One thing that really brought me to tears (and I don't think you are a fan of hers though) was reading Jodi Picoult's book, "My Sister's Keeper" -which had both my daughter (Mandy) and I totally shaken and in tears. Certain songs that bring up memories for me but because I never remember artists and/or often, the names of songs, can't list them here.
But I can tell you one thing that can elict a tear, often more than one, is when I look at the two little grandkids here and think of just how far they've come -and how far Mandy and I have come too, in learning so many things other parents/grandparents often take forgranted in the child rearing process. You're more than welcome to come here -anytime -and see how fantastic these two are, even though right now they are both drumming on empty coffee cans and driving my ear drums (and head) crazy! All I have to do there is think of what my life would be like without them -totally LIFELESS -which is what I would be and that can bring me to immediate tears!

Jeni said...

I'm back already! Actually, today I am ready to cut loose and bawl because I have been dealing with internet connection problems for the past two days and to add insult to injury with that, my computer doesn't like to open easily at all using either browser (Firefox or EI8) and anytime I lose my internet connectivity for any length of time -10 minutes or more -I am a total mess and either in tears or on the verge of tears until things get corrected! (And I definitely would not wish those issues on anyone!)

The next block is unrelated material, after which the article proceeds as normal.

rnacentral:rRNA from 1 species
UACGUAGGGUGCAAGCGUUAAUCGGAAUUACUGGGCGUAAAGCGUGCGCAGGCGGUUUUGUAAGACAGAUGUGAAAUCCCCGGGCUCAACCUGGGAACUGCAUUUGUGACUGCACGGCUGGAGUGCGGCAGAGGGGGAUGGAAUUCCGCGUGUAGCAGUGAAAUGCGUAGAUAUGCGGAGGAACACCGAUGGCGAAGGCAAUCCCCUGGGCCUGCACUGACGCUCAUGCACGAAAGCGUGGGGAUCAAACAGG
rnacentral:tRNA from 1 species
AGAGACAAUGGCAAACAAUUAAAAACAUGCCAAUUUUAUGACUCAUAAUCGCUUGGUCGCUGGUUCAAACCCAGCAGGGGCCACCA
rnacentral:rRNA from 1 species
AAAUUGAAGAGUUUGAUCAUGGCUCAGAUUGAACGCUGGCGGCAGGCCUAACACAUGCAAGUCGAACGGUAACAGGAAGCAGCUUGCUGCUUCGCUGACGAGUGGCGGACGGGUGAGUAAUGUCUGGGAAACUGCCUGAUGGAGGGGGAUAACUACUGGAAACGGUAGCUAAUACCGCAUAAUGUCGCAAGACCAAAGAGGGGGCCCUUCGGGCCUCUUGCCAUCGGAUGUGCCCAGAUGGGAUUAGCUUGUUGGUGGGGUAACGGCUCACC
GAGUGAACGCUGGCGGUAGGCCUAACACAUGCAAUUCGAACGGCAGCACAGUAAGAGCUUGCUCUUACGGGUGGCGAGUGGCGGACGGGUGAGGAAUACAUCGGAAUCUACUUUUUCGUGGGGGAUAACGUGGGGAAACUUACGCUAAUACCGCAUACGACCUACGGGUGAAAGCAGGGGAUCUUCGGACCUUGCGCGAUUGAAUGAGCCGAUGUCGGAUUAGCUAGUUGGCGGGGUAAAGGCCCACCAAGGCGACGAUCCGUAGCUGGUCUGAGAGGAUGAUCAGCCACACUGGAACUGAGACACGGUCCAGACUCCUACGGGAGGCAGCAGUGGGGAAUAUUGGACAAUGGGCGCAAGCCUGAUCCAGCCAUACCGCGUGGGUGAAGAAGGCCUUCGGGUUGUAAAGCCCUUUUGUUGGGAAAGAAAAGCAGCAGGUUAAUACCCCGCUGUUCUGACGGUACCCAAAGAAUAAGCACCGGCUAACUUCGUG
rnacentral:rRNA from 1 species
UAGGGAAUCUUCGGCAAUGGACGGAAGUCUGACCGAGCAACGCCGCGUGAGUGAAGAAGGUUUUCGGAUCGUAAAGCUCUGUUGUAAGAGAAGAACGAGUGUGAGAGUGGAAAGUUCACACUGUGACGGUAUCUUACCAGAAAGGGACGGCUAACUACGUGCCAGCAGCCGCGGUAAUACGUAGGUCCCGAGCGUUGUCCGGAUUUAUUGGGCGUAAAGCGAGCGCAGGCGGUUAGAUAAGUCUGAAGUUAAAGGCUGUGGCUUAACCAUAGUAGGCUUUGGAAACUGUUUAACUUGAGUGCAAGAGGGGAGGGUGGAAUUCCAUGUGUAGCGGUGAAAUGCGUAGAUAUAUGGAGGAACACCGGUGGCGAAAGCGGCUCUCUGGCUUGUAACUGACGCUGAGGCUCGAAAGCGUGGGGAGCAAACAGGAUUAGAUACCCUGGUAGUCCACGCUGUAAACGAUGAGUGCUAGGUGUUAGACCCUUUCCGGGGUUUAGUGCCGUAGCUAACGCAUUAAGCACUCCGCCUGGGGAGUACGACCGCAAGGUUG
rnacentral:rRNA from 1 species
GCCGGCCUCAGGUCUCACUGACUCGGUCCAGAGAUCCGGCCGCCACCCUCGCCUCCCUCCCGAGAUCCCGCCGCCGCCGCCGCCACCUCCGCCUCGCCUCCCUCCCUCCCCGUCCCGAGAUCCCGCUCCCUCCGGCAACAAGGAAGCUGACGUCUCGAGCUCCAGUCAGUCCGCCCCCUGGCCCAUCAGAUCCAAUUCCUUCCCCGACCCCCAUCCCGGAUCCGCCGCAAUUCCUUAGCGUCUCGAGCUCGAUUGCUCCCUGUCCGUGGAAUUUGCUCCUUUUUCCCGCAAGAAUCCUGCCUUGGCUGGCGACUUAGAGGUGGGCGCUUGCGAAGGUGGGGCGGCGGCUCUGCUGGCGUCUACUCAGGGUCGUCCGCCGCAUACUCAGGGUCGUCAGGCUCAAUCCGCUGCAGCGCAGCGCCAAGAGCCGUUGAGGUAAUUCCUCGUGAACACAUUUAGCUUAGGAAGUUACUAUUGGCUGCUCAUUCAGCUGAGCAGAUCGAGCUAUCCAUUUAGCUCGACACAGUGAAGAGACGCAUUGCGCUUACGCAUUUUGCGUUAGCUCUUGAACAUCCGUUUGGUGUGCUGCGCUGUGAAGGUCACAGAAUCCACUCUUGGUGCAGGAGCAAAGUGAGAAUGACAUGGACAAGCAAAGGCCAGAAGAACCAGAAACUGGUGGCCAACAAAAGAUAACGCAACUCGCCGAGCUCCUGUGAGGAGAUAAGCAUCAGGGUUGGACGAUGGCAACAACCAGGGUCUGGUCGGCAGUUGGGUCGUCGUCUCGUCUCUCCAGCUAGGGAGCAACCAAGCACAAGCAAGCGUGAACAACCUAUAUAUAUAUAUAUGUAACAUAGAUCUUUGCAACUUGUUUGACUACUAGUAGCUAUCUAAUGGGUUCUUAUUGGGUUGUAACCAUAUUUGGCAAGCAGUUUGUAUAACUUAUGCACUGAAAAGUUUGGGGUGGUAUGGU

ArtSparker said...

Not a question you asked...but aerobic exercise is huge in aiding processing. I have a friend who from the age of three has been a storyteller. She used to jump up and down to facilitate her thought process, is now nine and paws the ground, like a bull about to charge, as she is thinking of her narrative.

Jazz said...

Funny, just Saturday the Mr. and I were watching a movie and he was crying. I shoulda been crying but I was totally dry eyed. That blackened, dryed out husk I call a heart just won't do the crying so I can be of no help to you.

I do envy you though, believe me deary, that capacity you have will be extremely useful when you hit the peri. Oh yeah...

Let's get together over a bottle of wine and discuss.

phd in yogurtry said...

Oh .. without doubt, that would be Shadowland. I saw that in a crowded theatre when I was 8 mos pregnant with my first born. I was crying so hard I thought I would burst. Of course, I was pregnant. But still. I recommend it to my clients who need a good, hard cry. Another one: Terms of Endearment. It's an awfully long movie, though. But that oldest boy? His anger? Oy. Gets me every time.

There's some new research about the therapeutic benefit of crying -- meaning, physically what is happening in the body. I have a post languishing somewhere.

And yes, the remodelers in the house? Each time my husband would take on a remodeling job he would bring me in to assess the strength of the marriage. And I would issue strong warnings to have a lawyer on retainer. Let the demolition begin. It's so stressful. We've watched too many people come undone.